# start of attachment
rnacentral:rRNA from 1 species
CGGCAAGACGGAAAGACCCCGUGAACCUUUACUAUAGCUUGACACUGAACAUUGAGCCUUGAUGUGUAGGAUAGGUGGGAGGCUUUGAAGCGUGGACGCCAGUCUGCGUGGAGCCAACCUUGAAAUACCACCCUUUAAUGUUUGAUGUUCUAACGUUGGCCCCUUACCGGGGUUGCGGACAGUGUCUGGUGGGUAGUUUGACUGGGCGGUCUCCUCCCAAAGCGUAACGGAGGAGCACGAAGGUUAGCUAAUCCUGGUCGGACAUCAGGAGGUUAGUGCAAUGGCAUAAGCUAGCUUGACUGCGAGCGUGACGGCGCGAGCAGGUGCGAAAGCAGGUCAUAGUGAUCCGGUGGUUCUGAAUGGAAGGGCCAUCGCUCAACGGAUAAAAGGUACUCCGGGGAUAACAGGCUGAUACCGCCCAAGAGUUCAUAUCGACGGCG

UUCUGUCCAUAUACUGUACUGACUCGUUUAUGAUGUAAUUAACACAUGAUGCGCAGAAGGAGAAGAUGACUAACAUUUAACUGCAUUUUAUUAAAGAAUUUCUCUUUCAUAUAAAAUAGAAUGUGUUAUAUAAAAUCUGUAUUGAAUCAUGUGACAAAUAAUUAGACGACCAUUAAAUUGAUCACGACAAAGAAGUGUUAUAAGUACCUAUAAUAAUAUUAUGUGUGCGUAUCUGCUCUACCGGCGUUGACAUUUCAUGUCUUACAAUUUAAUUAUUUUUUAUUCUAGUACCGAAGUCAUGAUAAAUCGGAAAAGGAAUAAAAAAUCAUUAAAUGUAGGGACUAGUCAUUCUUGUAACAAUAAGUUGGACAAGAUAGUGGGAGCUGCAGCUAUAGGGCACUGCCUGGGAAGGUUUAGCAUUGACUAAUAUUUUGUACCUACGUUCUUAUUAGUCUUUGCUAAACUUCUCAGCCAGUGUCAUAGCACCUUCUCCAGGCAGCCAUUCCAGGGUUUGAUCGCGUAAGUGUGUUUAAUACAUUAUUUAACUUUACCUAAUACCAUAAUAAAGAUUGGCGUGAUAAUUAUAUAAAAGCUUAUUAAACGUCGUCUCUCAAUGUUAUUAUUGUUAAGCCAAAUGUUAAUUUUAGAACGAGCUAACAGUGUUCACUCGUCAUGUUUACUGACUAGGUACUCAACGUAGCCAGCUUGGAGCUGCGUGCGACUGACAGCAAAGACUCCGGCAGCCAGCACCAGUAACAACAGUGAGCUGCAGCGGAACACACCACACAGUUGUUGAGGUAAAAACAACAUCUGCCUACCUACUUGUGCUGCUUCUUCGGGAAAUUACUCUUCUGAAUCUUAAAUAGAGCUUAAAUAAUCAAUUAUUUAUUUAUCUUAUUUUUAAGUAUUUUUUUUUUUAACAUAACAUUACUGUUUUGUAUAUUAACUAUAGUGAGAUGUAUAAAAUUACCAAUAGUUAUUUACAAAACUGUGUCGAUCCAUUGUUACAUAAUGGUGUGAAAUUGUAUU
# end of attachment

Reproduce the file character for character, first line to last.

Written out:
rnacentral:rRNA from 1 species
CGGCAAGACGGAAAGACCCCGUGAACCUUUACUAUAGCUUGACACUGAACAUUGAGCCUUGAUGUGUAGGAUAGGUGGGAGGCUUUGAAGCGUGGACGCCAGUCUGCGUGGAGCCAACCUUGAAAUACCACCCUUUAAUGUUUGAUGUUCUAACGUUGGCCCCUUACCGGGGUUGCGGACAGUGUCUGGUGGGUAGUUUGACUGGGCGGUCUCCUCCCAAAGCGUAACGGAGGAGCACGAAGGUUAGCUAAUCCUGGUCGGACAUCAGGAGGUUAGUGCAAUGGCAUAAGCUAGCUUGACUGCGAGCGUGACGGCGCGAGCAGGUGCGAAAGCAGGUCAUAGUGAUCCGGUGGUUCUGAAUGGAAGGGCCAUCGCUCAACGGAUAAAAGGUACUCCGGGGAUAACAGGCUGAUACCGCCCAAGAGUUCAUAUCGACGGCG

UUCUGUCCAUAUACUGUACUGACUCGUUUAUGAUGUAAUUAACACAUGAUGCGCAGAAGGAGAAGAUGACUAACAUUUAACUGCAUUUUAUUAAAGAAUUUCUCUUUCAUAUAAAAUAGAAUGUGUUAUAUAAAAUCUGUAUUGAAUCAUGUGACAAAUAAUUAGACGACCAUUAAAUUGAUCACGACAAAGAAGUGUUAUAAGUACCUAUAAUAAUAUUAUGUGUGCGUAUCUGCUCUACCGGCGUUGACAUUUCAUGUCUUACAAUUUAAUUAUUUUUUAUUCUAGUACCGAAGUCAUGAUAAAUCGGAAAAGGAAUAAAAAAUCAUUAAAUGUAGGGACUAGUCAUUCUUGUAACAAUAAGUUGGACAAGAUAGUGGGAGCUGCAGCUAUAGGGCACUGCCUGGGAAGGUUUAGCAUUGACUAAUAUUUUGUACCUACGUUCUUAUUAGUCUUUGCUAAACUUCUCAGCCAGUGUCAUAGCACCUUCUCCAGGCAGCCAUUCCAGGGUUUGAUCGCGUAAGUGUGUUUAAUACAUUAUUUAACUUUACCUAAUACCAUAAUAAAGAUUGGCGUGAUAAUUAUAUAAAAGCUUAUUAAACGUCGUCUCUCAAUGUUAUUAUUGUUAAGCCAAAUGUUAAUUUUAGAACGAGCUAACAGUGUUCACUCGUCAUGUUUACUGACUAGGUACUCAACGUAGCCAGCUUGGAGCUGCGUGCGACUGACAGCAAAGACUCCGGCAGCCAGCACCAGUAACAACAGUGAGCUGCAGCGGAACACACCACACAGUUGUUGAGGUAAAAACAACAUCUGCCUACCUACUUGUGCUGCUUCUUCGGGAAAUUACUCUUCUGAAUCUUAAAUAGAGCUUAAAUAAUCAAUUAUUUAUUUAUCUUAUUUUUAAGUAUUUUUUUUUUUAACAUAACAUUACUGUUUUGUAUAUUAACUAUAGUGAGAUGUAUAAAAUUACCAAUAGUUAUUUACAAAACUGUGUCGAUCCAUUGUUACAUAAUGGUGUGAAAUUGUAUU